OSPF Virtual Link Authentication

In the OSPF virtual link lesson, I explained how to configure a virtual link, but I didn’t show how to enable virtual link authentication. That’s what we are going to cover in this lesson.

There are two authentication methods:

  • Plain text
  • MD5

I’ll show you both options.

Configuration

Here is the topology we will use:

R1 R2 Ospf Virtual Link Broken Area 0

We have two routers running OSPF. Area 0 is discontinuous, so we need a virtual link through area 1 to fix this.

Configurations

Want to take a look for yourself? Here you will find the startup configuration of each device.

R1

hostname R1
!
ip cef
!
interface Loopback0
 ip address 1.1.1.1 255.255.255.255
!
interface GigabitEthernet0/1
 ip address 192.168.12.1 255.255.255.0
!
router ospf 1
 area 1 virtual-link 2.2.2.2
 network 1.1.1.1 0.0.0.0 area 0
 network 192.168.12.0 0.0.0.255 area 1
!
end

R2

hostname R2
!
ip cef
!
interface Loopback0
 ip address 2.2.2.2 255.255.255.255
!
interface GigabitEthernet0/1
 ip address 192.168.12.2 255.255.255.0
!
router ospf 1
 area 1 virtual-link 1.1.1.1
 network 2.2.2.2 0.0.0.0 area 0
 network 192.168.12.0 0.0.0.255 area 1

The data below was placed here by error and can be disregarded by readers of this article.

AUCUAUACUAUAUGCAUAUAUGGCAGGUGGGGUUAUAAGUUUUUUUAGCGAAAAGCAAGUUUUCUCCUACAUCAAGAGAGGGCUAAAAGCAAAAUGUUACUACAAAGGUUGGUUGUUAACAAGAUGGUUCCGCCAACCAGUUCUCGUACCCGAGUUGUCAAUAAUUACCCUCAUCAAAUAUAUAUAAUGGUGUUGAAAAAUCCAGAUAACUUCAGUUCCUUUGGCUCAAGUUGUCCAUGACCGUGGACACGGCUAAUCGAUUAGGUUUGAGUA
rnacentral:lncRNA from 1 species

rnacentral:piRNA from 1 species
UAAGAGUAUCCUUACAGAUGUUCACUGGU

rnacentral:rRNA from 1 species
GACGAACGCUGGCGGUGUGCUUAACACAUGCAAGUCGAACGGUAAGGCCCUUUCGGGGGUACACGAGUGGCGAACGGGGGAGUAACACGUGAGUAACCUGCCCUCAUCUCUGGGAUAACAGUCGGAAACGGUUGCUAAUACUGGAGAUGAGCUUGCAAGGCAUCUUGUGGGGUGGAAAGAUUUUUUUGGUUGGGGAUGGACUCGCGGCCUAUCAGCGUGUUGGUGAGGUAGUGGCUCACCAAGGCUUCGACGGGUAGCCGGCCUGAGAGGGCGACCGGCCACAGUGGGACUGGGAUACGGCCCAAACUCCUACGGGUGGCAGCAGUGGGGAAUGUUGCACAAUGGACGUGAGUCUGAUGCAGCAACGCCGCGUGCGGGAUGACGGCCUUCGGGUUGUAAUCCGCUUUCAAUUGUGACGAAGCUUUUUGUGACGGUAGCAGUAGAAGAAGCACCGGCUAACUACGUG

!
end

Let’s see if we can authenticate this virtual link.

Plain Text Authentication

There are two things we need to do to enable authentication:

  • Enable authentication for area 0: the virtual link belongs to area 0, so you need authentication for the backbone area, not the area that the virtual link goes through.
  • Set the authentication password for the virtual link.

Only two commands are required to achieve this:

R1(config)#router ospf 1
R1(config-router)#area 0 authentication
R1(config-router)#area 1 virtual-link 2.2.2.2 authentication-key NWL
R2(config)#router ospf 1
R2(config-router)#area 0 authentication 
R2(config-router)#area 1 virtual-link 1.1.1.1 authentication-key NWL

Let’s see if it works. Let’s reset the OSPF process:

R1#clear ip ospf process 
Reset ALL OSPF processes? [no]: yes

After a few seconds, our virtual link is back:

R1#
%OSPF-5-ADJCHG: Process 1, Nbr 2.2.2.2 on OSPF_VL0 from LOADING to FULL, Loading Done

Let’s verify that authentication is enabled:

R1#show ip ospf virtual-links 
Virtual Link OSPF_VL0 to router 2.2.2.2 is up
  Run as demand circuit
  DoNotAge LSA allowed.
  Transit area 1, via interface GigabitEthernet0/1
 Topology-MTID    Cost    Disabled     Shutdown      Topology Name
        0           1         no          no            Base
  Transmit Delay is 1 sec, State POINT_TO_POINT,
  Timer intervals configured, Hello 10, Dead 40, Wait 40, Retransmit 5
    Hello due in 00:00:01
    Adjacency State FULL (Hello suppressed)
    Index 1/1/2, retransmission queue length 0, number of retransmission 0
    First 0x0(0)/0x0(0)/0x0(0) Next 0x0(0)/0x0(0)/0x0(0)
    Last retransmission scan length is 0, maximum is 0
    Last retransmission scan time is 0 msec, maximum is 0 msec
  Simple password authentication enabled

There we go, above you can see that simple password authentication is enabled.

Configurations

Want to take a look for yourself? Here you will find the configuration of each device.

R1

hostname R1
!
ip cef
!
interface Loopback0
 ip address 1.1.1.1 255.255.255.255
!
interface GigabitEthernet0/1
 ip address 192.168.12.1 255.255.255.0
!
router ospf 1